Based on our polling data in the 2005 General Election, Labour's support is eroding at both ends.

Two out of three of the opinion polls (NOP and ICM) suggest that the Conservatives narrowly beat Labour among the C2 group this time.

And Labour's share of the unskilled working class vote has declined sharply. According to ICM, Labour was supported by 58% of these voters in 1997, and just 45% in 2005.

However, Labour has retained support among owner-occupiers with a mortgage - who perhaps are giving Labour credit for low interest rates.

They still have a 39% to 30% lead compared to the Conservatives (in 1992, the Conservatives led in this group by 48% to 30%).

Finally, the Liberal Democrats have increased their share of the upper middle class vote - mainly at the expense of the Conservatives.


The Liberal Democrats have made strong gains among young people during the 2005 election, according to an analysis of opinion polls.

Elderly lady watching tv
Older voters tend to support the Conservatives
ICM suggests that they have overtaken the Conservatives among voters aged between 18-24 and also those between 25-34.

This has mainly been at the expense of Labour, who gained a spectacular 58% of the 18-29 age group in 1997, according to the NOP/BBC exit poll. (They have 42% of the slightly small 18-24 group, according to ICM now).

The fall in Labour's support among the middle age group, the 34-64 year old "hard-working families", exactly parallels its support in the electorate as a whole, according to ICM.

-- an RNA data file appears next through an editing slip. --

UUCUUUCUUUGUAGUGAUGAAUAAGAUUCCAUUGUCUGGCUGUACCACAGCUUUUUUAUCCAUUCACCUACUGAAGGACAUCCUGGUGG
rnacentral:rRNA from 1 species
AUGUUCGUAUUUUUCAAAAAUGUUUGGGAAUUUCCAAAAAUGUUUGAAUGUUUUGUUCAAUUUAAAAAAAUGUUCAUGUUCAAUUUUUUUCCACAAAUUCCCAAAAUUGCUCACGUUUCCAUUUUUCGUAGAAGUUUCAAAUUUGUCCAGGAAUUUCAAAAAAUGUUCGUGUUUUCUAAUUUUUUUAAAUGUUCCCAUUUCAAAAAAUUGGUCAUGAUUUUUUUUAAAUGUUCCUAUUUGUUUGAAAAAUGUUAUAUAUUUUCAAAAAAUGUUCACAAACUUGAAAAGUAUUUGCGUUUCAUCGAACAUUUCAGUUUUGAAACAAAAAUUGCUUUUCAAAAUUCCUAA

The only social group that has remained solidly Conservative are older voters, with the over 65s (and over 55s) giving them around a 6% to 10% Conservative lead - almost exactly the same as in 1997.


The Liberal Democrats were the main gainers in this election in terms of the popular vote - up from 19% to 23%.

Charles Kennedy
Charles Kennedy's party scored some successes against Labour
But their pattern of gains in seats was highly skewed, reflecting how they had positioned themselves in different parts of the country.

They seemed to have succeeded in positioning themselves as the party to the left of Labour over issues like the Iraq war and student tuition fees.

This has helped them in their Labour- Lib Dem marginals where they made some spectacular gains.

But it also meant that they did worse than expected in the Conservative - Lib Dem marginals, where they actually had more losses than gains.

In the 25 most marginal Labour - Lib Dem seats, the swing to the Lib Dems averaged 6.7%.

Overall, they gained 12 seats from Labour, including big gains in some student seats, including a 17% swing in Manchester Withington, a 15% swing in Cambridge, and a 14% swing in Hornsey and Wood Green.

But they lost five seats to the Conservatives, while only gaining three.

In the top 25 most marginal Conservative - Lib Dem seats, there was actually a swing to the Tories of 1.6%

The Liberal Democrats also did much better in Scotland, the North West and the North East - and worst in Devon and Cornwall.

Iraq was a key issue in explaining Lib Dem gains.

An early MORI poll for the GMB showed that among Labour defectors to the Lib Dems, 33% cited Iraq as a key influence on how they would vote.


Labour lost 47 seats, and their share of the vote went down to 36%, compared to 41% in 2001 and 43% in 1997.

Tony Blair at No 10
Tony Blair must get used to working with a smaller majority
They will govern with only 22% of the electorate having voting for them, when taking turnout into account.